Well, they clung onto life a lot longer than we expected them to. But it looks like BlackBerry is finally realizing that staying as a going concern might mean selling itself, and we don’t mean working harder during sales presentations.
BlackBerry tries to put the best face on it, but, well, this is what they say in the opening paragraph of their press release:
BlackBerry Limited today announced that the Company’s Board of Directors has formed a Special Committee to explore strategic alternatives to enhance value and increase scale in order to accelerate BlackBerry 10 deployment. These alternatives could include, among others, possible joint ventures, strategic partnerships or alliances, a sale of the Company or other possible transactions.
In other words, the board of directors think the company is most likely to survive being sold to somebody. Adding insult to injury, they also admitted that there was “no guarantee this would conclude in a transaction”, which is business-speak for “Nobody has actually asked to buy us, so we’re just kinda hoping somebody wants us.”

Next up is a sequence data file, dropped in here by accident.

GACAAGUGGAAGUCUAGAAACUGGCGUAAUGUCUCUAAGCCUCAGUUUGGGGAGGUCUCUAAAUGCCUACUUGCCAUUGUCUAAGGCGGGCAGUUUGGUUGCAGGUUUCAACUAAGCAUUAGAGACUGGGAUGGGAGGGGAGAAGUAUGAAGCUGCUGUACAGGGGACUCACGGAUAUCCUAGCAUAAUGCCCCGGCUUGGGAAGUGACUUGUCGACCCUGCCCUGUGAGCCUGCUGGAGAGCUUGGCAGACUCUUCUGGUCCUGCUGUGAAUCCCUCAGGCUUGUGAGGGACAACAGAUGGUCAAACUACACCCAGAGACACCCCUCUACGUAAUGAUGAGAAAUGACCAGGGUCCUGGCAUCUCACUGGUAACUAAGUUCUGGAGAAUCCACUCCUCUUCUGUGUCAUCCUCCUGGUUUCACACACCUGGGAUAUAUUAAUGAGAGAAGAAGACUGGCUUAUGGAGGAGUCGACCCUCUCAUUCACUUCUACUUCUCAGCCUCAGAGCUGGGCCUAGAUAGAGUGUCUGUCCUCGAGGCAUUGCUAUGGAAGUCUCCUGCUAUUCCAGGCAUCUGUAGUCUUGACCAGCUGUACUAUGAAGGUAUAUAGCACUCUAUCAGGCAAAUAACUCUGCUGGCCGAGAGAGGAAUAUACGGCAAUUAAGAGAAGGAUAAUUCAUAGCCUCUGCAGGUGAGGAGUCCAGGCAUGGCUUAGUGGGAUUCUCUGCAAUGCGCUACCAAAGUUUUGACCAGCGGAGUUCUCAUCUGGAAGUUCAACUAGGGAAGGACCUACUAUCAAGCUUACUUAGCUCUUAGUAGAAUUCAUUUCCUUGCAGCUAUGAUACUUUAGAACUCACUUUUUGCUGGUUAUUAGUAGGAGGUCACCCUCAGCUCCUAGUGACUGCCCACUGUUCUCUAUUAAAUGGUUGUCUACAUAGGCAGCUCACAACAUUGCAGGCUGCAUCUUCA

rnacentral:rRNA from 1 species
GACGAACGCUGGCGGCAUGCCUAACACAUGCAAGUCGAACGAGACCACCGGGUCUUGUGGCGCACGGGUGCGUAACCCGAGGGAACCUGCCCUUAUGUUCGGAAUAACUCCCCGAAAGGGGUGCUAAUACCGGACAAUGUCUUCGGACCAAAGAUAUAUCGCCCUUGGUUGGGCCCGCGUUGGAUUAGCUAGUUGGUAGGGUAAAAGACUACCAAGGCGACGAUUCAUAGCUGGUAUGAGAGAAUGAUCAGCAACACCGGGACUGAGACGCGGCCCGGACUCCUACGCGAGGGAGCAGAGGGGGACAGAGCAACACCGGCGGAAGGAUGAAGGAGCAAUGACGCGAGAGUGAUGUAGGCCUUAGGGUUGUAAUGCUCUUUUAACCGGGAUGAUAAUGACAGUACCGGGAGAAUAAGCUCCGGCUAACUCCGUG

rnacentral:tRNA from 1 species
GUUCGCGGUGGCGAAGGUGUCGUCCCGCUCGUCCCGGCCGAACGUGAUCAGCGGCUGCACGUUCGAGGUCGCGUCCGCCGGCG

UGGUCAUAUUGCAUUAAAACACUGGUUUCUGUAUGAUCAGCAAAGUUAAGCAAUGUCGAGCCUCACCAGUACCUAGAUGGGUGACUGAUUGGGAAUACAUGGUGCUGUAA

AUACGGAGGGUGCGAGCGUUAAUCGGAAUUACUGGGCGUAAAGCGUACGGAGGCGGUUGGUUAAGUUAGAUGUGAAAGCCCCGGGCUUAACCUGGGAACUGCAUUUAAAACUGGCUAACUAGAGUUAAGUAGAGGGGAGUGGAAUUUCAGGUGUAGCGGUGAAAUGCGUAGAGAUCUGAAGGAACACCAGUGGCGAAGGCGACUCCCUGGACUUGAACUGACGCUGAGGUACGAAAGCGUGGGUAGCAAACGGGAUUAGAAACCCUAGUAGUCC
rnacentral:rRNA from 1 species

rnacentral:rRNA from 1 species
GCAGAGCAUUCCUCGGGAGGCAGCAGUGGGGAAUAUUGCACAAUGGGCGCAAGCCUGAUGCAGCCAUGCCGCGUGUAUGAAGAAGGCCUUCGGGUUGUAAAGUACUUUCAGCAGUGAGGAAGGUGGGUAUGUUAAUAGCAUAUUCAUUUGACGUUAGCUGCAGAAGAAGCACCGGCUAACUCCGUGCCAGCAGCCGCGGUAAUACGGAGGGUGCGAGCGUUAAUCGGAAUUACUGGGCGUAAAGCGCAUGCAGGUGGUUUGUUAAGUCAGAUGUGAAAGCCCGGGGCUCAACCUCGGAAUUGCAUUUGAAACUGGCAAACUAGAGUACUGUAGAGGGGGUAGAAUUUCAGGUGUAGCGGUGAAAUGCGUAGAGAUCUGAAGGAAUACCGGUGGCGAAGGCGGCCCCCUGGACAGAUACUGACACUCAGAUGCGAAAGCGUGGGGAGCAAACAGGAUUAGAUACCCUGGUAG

This isn’t the biggest of surprises. The Z10, which arrived amid much hoopla as BlackBerry tried to reinvent itself, had its price cut by carriers to $99 from $199 just four months after it came out, and the Q10 isn’t doing much better. This reminds BlackBerry’s investors, perhaps too much for the company’s own good, of the trajectory of the PlayBook, which, well, have you see anyone using one?
It would be a shame if BlackBerry just folded, but at the same time, one has to wonder who might be in the market for the company. We’re sure somebody will buy it, though. It’s really just a question of who.
(Image courtesy of ktpupp on Flickr)